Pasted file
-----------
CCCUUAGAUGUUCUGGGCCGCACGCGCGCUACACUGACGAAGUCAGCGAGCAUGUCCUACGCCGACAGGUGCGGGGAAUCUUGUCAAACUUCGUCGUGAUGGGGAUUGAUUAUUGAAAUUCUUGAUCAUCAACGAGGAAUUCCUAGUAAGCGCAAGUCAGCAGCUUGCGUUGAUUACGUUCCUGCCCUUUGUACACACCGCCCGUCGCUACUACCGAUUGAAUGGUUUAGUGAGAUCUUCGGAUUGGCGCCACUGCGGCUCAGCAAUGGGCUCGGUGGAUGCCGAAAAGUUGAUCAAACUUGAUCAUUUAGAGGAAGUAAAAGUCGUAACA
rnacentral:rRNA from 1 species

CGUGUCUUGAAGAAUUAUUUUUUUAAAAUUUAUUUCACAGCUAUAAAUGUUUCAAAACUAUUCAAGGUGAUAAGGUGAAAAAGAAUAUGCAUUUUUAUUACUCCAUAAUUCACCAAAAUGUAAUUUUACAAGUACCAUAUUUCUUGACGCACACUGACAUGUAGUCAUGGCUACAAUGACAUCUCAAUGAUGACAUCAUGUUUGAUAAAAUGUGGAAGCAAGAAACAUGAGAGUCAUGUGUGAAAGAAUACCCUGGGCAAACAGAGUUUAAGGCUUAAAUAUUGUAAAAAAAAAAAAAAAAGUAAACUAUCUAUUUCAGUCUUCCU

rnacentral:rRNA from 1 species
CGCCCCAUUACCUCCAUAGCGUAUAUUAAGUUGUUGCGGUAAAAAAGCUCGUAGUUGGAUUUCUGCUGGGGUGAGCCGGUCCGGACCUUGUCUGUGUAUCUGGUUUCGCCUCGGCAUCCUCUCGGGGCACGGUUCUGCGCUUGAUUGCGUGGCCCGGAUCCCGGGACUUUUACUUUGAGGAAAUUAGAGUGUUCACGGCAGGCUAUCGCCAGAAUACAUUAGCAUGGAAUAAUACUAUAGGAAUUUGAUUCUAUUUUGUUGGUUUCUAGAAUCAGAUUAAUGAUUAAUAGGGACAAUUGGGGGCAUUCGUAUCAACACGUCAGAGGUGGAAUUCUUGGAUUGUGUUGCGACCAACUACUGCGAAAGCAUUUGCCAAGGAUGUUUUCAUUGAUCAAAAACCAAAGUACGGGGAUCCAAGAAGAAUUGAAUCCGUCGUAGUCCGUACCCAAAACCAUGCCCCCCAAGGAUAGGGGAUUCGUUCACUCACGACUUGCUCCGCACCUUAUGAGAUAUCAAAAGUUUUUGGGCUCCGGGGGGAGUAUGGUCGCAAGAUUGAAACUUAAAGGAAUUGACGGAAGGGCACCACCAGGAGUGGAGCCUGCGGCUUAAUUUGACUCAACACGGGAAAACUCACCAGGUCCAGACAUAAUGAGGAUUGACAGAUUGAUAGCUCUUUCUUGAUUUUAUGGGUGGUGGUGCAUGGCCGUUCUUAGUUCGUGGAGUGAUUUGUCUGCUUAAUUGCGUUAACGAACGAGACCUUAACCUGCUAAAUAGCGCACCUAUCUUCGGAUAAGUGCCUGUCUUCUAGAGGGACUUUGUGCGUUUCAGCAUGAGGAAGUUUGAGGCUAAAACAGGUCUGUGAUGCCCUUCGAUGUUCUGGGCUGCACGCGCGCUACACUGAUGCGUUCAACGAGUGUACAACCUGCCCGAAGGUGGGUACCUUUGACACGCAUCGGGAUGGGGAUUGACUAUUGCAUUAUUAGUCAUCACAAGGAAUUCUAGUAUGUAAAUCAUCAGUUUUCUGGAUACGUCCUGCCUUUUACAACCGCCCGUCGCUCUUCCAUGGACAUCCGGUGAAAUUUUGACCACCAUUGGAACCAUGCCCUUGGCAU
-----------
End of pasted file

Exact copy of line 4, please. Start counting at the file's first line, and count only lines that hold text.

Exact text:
rnacentral:rRNA from 1 species